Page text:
The House on Tuesday overwhelmingly approved legislation that would extend police protection to the immediate families of Supreme Court justices, clearing the bill for President Biden at a time of rising concern about threats to justices as a potentially momentous abortion ruling looms.
The vote was 396 to 27, with all of the opposition coming from Democrats, who tried unsuccessfully to extend the protections to the families of court employees. The action sent the measure to Mr. Biden for his signature.
The legislation, already approved by the Senate early last month, moved quickly through the House in recent days after an armed man was arrested last week near the Maryland home of Justice Brett M. Kavanaugh. The man told police that he had intended to kill the justice because he was angry about a leaked draft of a Supreme Court opinion that suggested the court was preparing to roll back abortion rights, and concerned that Justice Kavanaugh would vote to weaken gun laws in the wake of the mass shooting in Uvalde, Texas.
The draft abortion opinion has led to protests outside the homes of justices, and prompted police to erect a fence around the court building and take other steps to secure it.
“It is imperative that the justices are free from fear of violence or physical intimidation to make decisions based on the Constitution and law as applied to the facts of the case before them,” Representative Ted Lieu, Democrat of California, said of the justices as he urged approval of the legislation. “This is essential to the rule of law.”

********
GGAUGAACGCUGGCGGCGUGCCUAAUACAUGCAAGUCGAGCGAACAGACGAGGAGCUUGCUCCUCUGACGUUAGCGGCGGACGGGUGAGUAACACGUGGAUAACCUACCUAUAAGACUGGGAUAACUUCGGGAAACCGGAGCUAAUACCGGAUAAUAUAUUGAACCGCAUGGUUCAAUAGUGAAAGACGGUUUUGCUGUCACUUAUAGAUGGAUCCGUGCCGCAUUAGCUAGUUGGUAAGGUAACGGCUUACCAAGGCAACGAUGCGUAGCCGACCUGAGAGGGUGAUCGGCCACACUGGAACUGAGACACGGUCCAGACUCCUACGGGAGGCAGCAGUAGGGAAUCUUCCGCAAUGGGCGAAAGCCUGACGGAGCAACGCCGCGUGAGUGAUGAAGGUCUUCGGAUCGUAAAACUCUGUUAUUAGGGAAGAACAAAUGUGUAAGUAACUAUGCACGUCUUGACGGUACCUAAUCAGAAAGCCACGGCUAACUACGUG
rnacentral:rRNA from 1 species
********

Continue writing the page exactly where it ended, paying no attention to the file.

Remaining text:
Though members of both parties strongly backed the legislation, it sparked bitter political recriminations when Republicans accused House Democrats of slow-walking it, trying to intimidate the justices and failing to take seriously the threat to members of the court and their families.
“It should not have been this hard or taken this long,” Representative Kevin McCarthy of California, the House Republican leader, said on Tuesday. “It should not have taken a threat against Justice Kavanaugh to force action.”
Democrats said they wanted to add protection for clerks and other workers at the court who might also be at risk of violence, but Republicans said that would be onerous and was unnecessary because the workers are relatively little known to the public. Senate Republicans said they would oppose the measure if the House expanded it.
“That could include round-the-clock security details for everyone from clerks to IT staff and their spouses, children, siblings and parents,” said Senator John Cornyn, Republican of Texas and an author of the legislation along with Senator Chris Coons, Democrat of Delaware. Mr. Cornyn called the House’s position a stalling tactic.
But Democrats said the identities of some personnel at the court besides the justices have been publicly disclosed and that they merited the same consideration as the justices and their families. After the draft abortion decision leaked last month, there was much public speculation about whether specific clerks could be to blame.